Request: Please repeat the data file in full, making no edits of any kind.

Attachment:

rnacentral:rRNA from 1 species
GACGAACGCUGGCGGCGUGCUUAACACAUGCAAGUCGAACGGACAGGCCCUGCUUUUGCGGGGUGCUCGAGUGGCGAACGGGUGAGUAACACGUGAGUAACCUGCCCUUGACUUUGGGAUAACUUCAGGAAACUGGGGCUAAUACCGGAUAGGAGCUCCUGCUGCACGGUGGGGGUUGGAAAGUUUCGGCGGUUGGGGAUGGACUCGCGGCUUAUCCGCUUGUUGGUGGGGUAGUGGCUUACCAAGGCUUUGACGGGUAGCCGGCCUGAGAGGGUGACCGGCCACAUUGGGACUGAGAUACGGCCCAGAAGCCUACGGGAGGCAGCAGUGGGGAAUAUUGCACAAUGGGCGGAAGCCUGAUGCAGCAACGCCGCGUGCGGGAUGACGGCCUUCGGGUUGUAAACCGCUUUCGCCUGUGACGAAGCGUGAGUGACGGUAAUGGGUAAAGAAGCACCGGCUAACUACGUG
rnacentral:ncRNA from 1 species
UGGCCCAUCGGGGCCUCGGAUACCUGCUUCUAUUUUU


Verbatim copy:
rnacentral:rRNA from 1 species
GACGAACGCUGGCGGCGUGCUUAACACAUGCAAGUCGAACGGACAGGCCCUGCUUUUGCGGGGUGCUCGAGUGGCGAACGGGUGAGUAACACGUGAGUAACCUGCCCUUGACUUUGGGAUAACUUCAGGAAACUGGGGCUAAUACCGGAUAGGAGCUCCUGCUGCACGGUGGGGGUUGGAAAGUUUCGGCGGUUGGGGAUGGACUCGCGGCUUAUCCGCUUGUUGGUGGGGUAGUGGCUUACCAAGGCUUUGACGGGUAGCCGGCCUGAGAGGGUGACCGGCCACAUUGGGACUGAGAUACGGCCCAGAAGCCUACGGGAGGCAGCAGUGGGGAAUAUUGCACAAUGGGCGGAAGCCUGAUGCAGCAACGCCGCGUGCGGGAUGACGGCCUUCGGGUUGUAAACCGCUUUCGCCUGUGACGAAGCGUGAGUGACGGUAAUGGGUAAAGAAGCACCGGCUAACUACGUG
rnacentral:ncRNA from 1 species
UGGCCCAUCGGGGCCUCGGAUACCUGCUUCUAUUUUU